Labor Laws apply personal liability

The law is strongly opposed to holding a corporate officer liable for debts of the corporation. At first, this law was extended to a corporate debt for unpaid wages since the Labor Law statute did not impose personal liability on a shareholder or officer. Stoganovic v. Dinolfo, 92 A.D.2d 729, 730 [1983] (aff’d. 61 N.Y.2d 812 [1984]). NY Business Corporation Law §630 had provided a strict mechanism for holding shareholders of nonpublic corporations liable for unpaid wages.

Usually, courts will not expand the remedy provided by the Legislature, since there is “an irrefutable inference” that in any law enacted by the Legislature “what is omitted or not included was intended to be omitted and excluded.” Matter of Petersen v Incorporated Vil. of Saltaire, 77 A.D.3d 954, Second Dept. [2010]. That has completely changed. Now, a corporate officer can be held personally liable for a Labor Law violation. The courts have held that an individual acting on behalf of the corporation can be held personally liable for a wage claim if he or she had the power to hire and fire employees, supervised and controlled the conditions of employment, and determined the rates and methods of payment. Flannigan v. Vulcan Power Group, 642 Fed. Appx. 46, CA2 [2016], or controlled employees’ work schedules, kept employment records, and approved any vacations. Bonito v Avalon Partners, Inc., 106 A.D.3d 625, 626, First Dept. [2013].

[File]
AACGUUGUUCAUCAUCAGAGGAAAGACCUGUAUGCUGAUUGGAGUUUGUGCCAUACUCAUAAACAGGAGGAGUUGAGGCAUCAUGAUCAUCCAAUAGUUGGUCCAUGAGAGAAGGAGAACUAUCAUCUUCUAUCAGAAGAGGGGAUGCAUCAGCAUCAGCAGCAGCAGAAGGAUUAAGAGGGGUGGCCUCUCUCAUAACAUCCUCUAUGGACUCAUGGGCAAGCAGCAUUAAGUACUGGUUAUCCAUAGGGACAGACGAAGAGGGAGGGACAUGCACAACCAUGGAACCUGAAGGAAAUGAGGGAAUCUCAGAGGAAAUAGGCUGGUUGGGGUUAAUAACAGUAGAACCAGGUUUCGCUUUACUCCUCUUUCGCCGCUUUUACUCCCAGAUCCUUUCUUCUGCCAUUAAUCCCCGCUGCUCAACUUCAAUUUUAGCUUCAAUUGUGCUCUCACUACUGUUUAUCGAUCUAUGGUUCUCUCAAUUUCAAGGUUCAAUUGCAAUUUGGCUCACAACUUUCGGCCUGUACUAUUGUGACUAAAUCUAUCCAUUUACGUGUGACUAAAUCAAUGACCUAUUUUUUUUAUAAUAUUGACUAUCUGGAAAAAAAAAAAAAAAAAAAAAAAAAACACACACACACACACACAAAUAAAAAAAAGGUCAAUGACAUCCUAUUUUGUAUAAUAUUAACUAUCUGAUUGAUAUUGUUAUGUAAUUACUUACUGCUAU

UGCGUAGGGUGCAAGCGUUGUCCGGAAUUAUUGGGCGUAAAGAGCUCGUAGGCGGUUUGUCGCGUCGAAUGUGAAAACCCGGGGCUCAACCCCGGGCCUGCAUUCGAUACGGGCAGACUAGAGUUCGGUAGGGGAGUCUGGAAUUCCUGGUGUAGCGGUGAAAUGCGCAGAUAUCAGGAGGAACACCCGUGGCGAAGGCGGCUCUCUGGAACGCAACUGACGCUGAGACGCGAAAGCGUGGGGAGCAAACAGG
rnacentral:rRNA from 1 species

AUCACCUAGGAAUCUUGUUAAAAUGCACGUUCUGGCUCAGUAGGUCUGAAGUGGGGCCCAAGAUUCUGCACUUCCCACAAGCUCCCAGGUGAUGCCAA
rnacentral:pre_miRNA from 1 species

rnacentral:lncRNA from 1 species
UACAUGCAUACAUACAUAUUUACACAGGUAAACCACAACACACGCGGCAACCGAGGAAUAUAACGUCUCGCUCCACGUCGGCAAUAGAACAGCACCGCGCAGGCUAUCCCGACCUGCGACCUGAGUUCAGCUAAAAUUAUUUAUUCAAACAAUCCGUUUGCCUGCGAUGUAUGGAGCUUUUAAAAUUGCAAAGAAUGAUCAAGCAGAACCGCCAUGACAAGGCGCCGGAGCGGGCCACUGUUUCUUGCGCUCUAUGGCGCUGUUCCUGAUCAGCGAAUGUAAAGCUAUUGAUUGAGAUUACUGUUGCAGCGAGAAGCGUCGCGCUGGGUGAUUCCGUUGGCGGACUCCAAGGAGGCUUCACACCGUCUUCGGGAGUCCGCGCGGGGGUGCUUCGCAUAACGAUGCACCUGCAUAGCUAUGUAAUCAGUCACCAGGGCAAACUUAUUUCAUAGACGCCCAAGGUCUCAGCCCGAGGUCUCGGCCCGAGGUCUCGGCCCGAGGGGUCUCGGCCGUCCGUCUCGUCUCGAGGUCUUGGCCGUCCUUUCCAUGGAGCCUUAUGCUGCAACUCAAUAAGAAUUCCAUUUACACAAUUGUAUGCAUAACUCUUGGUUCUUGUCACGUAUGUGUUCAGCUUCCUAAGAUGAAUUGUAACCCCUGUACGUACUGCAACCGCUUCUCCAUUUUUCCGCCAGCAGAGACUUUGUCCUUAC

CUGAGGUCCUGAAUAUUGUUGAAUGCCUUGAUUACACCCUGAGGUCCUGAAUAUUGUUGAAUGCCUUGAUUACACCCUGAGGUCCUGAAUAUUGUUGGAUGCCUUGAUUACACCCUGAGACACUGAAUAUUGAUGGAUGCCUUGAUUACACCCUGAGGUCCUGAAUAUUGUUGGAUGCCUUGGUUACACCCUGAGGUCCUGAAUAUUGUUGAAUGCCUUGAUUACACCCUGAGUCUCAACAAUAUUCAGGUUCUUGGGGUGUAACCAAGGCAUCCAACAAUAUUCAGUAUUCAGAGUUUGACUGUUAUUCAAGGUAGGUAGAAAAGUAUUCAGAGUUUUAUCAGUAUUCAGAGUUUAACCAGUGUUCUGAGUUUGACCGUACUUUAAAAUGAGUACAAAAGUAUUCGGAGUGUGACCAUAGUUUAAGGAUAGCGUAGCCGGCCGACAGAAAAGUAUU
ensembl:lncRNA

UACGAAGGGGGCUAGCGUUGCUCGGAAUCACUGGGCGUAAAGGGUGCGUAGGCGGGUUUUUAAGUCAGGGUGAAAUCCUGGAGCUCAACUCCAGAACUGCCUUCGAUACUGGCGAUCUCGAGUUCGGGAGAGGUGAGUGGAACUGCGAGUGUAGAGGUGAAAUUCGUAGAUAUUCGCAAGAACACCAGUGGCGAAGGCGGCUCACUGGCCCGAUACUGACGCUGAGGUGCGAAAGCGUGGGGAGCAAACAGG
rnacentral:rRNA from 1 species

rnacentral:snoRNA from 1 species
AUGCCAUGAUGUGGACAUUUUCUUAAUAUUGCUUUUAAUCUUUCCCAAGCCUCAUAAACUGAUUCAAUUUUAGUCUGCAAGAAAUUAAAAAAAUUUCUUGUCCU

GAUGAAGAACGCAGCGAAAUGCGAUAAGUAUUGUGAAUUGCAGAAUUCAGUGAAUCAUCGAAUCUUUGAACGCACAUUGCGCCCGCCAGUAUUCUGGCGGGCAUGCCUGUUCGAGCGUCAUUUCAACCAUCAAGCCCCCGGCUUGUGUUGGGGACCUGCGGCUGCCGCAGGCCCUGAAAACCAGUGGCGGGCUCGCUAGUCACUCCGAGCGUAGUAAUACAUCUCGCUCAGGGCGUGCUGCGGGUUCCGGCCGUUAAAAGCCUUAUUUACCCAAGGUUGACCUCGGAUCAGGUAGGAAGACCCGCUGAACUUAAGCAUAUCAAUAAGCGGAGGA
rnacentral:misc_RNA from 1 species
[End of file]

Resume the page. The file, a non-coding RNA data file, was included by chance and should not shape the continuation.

The requirements for pleading a claim against the corporate officer are now quite relaxed. Examination of the complaint in Cohen v Finz & Finz, P.C., 131 A.D.3d 666, 667, Second Dept. [2015] showed that general, nonspecific allegations are enough. In that case, the complaint only stated that the officer “owned, operated and/or controlled the day to day operations and management, [and] exercised power over personnel and payroll decision, *** including wages and working conditions.” Under this standard, it is hard to imagine a Labor Law claim existing without the ability to allege someone’s personal liability. 

Corporate officers were never immune from personal liability for “conversion,” the civil law term for theft. It was held that an improper deduction from wages was a conversion. Lynch v City of New York, 108 A.D.3d 94, 101, First Dept. [2013]. Essentially, the courts have come around to deciding that the officers of the corporation should act as guarantors of the payment of wages. Sasso v Millbook Enterprises, 108 Misc 2d 562. Even if the corporation or LLC is out of business or judgment proof the contingent fee attorney now has as an additional target the former officers.